‘To Boldly Go Where No One Has Gone Before’: William Shatner Blasts EU Woke Attack On Star Trek’s Famous Line

Leonard Nimoy William Shatner Star Trek 1968 | Source: commons.wikimedia.org

Leaders of the European Union are proposing to eliminate gendered phrases, including some iconic movie quotes. They argue that such terms may render women invisible or omitted, and should be replaced with more inclusive language.

One of the phrases under scrutiny is the famous Star Trek line: “To boldly go where no man has gone before”. EU officials suggest replacing “no man” with “no one”. This phrase, popularized by Captain Kirk (William Shatner), is marked in a 61-page toolkit on gender-sensitive communication developed by the European Institute for Gender Equality.

In response, actor William Shatner, who had famously stared in the series as Captain James T. Kirk, blasted the idea saying, “Presentism at work yet again. Why start at Trek? Isn’t it better to start at the beginning and redo foundation material such as the Magna Carta, religious writings, works of Shakespeare before worrying about a silly TV show opening that reflects social commentary of the time? If people are offended by 6 seconds of dialogue recorded in 1966 without a modicum of understanding of the social issues at the time there’s bigger issues that they need to deal with first – like educating themselves.”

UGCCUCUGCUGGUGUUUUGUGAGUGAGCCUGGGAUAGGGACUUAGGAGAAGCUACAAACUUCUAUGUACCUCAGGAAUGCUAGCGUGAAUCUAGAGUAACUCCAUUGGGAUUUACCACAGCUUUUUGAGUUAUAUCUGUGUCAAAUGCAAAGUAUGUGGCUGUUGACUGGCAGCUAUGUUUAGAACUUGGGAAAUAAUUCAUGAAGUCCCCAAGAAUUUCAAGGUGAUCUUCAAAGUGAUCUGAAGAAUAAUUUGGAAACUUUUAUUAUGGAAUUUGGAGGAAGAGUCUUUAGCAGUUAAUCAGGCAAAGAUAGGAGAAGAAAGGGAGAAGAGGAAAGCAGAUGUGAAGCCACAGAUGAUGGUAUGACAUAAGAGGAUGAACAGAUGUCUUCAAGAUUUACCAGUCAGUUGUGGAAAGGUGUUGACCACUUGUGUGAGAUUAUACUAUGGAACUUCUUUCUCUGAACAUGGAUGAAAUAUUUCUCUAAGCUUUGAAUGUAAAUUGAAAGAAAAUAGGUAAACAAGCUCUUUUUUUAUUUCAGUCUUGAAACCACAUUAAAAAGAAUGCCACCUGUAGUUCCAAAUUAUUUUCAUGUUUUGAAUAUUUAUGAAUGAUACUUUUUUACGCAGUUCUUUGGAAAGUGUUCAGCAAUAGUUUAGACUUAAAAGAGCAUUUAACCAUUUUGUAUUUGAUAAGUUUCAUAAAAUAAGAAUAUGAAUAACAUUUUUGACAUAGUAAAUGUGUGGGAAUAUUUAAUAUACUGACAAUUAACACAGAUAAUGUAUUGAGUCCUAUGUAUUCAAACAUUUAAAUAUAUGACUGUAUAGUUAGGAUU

Another term subject to change is the World War One phrase “no man’s land”, which EU officials propose should be referred to as “unclaimed territory”. Moreover, they deem it discriminatory to refer to inanimate objects in a gendered manner, such as saying “the ship slipped her moorings”.

The move has drawn criticism from some quarters. Former Tory MP Ann Widdecombe expressed her disapproval, calling the initiative “ridiculous.” This is not the first time such changes have sparked controversy. In 2022, there was backlash over a proposed ban on the word “fishermen” in favor of gender-neutral terms like “fisherpeople” or “fishers”. The EU encouraged the avoidance of phrases that “exclude women” such as “Joe Public” and “gentleman’s agreement”.

A European Parliament document on fishing that spans 11,000 words uses the term “fishers” as many as 84 times. Nigel Mills, a Tory MP, criticized the move, labeling it as “utter madness” and an “attack on the English language”. Despite Brexit, English remains the official language of the EU.